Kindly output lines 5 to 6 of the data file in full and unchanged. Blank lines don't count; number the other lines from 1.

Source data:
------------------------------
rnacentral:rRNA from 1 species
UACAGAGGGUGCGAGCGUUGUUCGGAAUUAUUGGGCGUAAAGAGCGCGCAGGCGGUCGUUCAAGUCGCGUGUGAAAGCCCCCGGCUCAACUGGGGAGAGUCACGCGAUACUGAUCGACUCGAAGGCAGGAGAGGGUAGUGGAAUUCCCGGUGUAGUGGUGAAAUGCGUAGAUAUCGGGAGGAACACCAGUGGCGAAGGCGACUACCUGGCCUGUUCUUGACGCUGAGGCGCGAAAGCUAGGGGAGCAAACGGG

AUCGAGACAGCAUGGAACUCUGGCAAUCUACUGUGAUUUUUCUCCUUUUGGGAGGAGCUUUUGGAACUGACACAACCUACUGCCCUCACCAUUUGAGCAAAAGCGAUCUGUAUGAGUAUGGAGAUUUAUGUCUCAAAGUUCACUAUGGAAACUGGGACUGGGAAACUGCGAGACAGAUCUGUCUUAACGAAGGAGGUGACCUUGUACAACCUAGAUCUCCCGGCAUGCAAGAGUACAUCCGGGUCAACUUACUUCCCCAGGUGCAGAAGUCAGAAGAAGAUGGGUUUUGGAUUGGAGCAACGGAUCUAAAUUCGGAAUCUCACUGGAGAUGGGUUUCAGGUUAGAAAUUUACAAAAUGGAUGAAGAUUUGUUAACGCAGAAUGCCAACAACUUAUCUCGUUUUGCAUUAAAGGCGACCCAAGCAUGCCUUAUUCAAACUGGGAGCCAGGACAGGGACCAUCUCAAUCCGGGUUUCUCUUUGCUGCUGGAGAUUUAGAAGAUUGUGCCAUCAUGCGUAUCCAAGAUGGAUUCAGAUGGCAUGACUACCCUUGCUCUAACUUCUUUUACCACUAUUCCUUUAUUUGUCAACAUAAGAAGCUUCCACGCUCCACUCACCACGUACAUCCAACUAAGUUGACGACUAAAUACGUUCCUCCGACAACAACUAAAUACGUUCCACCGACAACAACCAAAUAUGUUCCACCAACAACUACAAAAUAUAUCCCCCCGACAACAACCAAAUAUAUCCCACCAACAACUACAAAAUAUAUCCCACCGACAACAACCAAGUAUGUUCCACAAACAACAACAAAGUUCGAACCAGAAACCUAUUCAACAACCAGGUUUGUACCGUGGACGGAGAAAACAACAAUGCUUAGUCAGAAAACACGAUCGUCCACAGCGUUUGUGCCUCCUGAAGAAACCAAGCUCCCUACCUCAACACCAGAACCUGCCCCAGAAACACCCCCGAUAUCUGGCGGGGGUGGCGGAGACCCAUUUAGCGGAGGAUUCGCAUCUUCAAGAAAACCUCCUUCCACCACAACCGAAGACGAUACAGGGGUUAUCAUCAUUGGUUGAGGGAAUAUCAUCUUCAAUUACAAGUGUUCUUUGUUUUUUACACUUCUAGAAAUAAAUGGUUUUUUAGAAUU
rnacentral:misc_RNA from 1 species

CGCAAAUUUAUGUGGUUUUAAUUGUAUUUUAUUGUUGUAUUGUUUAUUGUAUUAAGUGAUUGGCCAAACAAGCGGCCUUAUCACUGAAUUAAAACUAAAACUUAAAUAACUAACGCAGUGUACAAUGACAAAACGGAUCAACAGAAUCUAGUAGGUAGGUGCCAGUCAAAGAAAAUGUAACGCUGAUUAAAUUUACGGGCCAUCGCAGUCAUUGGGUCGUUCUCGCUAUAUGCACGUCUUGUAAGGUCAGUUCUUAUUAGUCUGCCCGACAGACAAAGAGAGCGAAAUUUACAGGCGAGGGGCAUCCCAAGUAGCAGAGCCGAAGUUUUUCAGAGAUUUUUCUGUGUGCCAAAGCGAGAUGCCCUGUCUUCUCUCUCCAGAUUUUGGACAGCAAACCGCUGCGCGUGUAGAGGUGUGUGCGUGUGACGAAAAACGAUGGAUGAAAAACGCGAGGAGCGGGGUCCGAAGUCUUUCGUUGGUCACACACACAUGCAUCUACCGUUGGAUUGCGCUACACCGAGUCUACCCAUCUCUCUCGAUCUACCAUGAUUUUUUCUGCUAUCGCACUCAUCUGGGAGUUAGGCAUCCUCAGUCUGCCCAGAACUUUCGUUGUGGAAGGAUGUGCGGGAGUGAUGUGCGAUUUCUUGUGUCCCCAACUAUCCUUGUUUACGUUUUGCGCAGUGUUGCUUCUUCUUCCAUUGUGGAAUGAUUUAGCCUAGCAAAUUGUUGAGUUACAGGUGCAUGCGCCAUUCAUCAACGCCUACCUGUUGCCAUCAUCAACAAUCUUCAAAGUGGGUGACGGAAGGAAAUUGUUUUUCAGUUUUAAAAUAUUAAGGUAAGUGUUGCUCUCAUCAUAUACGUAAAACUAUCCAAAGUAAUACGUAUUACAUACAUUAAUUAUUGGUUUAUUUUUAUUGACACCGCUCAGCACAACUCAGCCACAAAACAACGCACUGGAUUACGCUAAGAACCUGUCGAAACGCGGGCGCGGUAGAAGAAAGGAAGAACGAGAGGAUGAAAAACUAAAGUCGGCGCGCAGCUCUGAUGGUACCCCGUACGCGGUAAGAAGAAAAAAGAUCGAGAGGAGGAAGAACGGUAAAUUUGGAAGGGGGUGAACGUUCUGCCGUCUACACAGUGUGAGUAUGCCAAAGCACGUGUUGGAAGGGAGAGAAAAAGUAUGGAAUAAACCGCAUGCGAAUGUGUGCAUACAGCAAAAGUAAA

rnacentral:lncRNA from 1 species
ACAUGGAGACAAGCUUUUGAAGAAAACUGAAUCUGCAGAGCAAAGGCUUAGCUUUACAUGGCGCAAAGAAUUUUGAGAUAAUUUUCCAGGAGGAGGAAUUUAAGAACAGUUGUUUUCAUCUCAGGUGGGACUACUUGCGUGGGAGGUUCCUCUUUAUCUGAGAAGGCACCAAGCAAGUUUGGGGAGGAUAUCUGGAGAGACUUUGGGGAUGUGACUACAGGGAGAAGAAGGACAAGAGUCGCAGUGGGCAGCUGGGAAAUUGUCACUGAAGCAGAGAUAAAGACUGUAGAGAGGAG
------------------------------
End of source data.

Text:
CGCAAAUUUAUGUGGUUUUAAUUGUAUUUUAUUGUUGUAUUGUUUAUUGUAUUAAGUGAUUGGCCAAACAAGCGGCCUUAUCACUGAAUUAAAACUAAAACUUAAAUAACUAACGCAGUGUACAAUGACAAAACGGAUCAACAGAAUCUAGUAGGUAGGUGCCAGUCAAAGAAAAUGUAACGCUGAUUAAAUUUACGGGCCAUCGCAGUCAUUGGGUCGUUCUCGCUAUAUGCACGUCUUGUAAGGUCAGUUCUUAUUAGUCUGCCCGACAGACAAAGAGAGCGAAAUUUACAGGCGAGGGGCAUCCCAAGUAGCAGAGCCGAAGUUUUUCAGAGAUUUUUCUGUGUGCCAAAGCGAGAUGCCCUGUCUUCUCUCUCCAGAUUUUGGACAGCAAACCGCUGCGCGUGUAGAGGUGUGUGCGUGUGACGAAAAACGAUGGAUGAAAAACGCGAGGAGCGGGGUCCGAAGUCUUUCGUUGGUCACACACACAUGCAUCUACCGUUGGAUUGCGCUACACCGAGUCUACCCAUCUCUCUCGAUCUACCAUGAUUUUUUCUGCUAUCGCACUCAUCUGGGAGUUAGGCAUCCUCAGUCUGCCCAGAACUUUCGUUGUGGAAGGAUGUGCGGGAGUGAUGUGCGAUUUCUUGUGUCCCCAACUAUCCUUGUUUACGUUUUGCGCAGUGUUGCUUCUUCUUCCAUUGUGGAAUGAUUUAGCCUAGCAAAUUGUUGAGUUACAGGUGCAUGCGCCAUUCAUCAACGCCUACCUGUUGCCAUCAUCAACAAUCUUCAAAGUGGGUGACGGAAGGAAAUUGUUUUUCAGUUUUAAAAUAUUAAGGUAAGUGUUGCUCUCAUCAUAUACGUAAAACUAUCCAAAGUAAUACGUAUUACAUACAUUAAUUAUUGGUUUAUUUUUAUUGACACCGCUCAGCACAACUCAGCCACAAAACAACGCACUGGAUUACGCUAAGAACCUGUCGAAACGCGGGCGCGGUAGAAGAAAGGAAGAACGAGAGGAUGAAAAACUAAAGUCGGCGCGCAGCUCUGAUGGUACCCCGUACGCGGUAAGAAGAAAAAAGAUCGAGAGGAGGAAGAACGGUAAAUUUGGAAGGGGGUGAACGUUCUGCCGUCUACACAGUGUGAGUAUGCCAAAGCACGUGUUGGAAGGGAGAGAAAAAGUAUGGAAUAAACCGCAUGCGAAUGUGUGCAUACAGCAAAAGUAAA

rnacentral:lncRNA from 1 species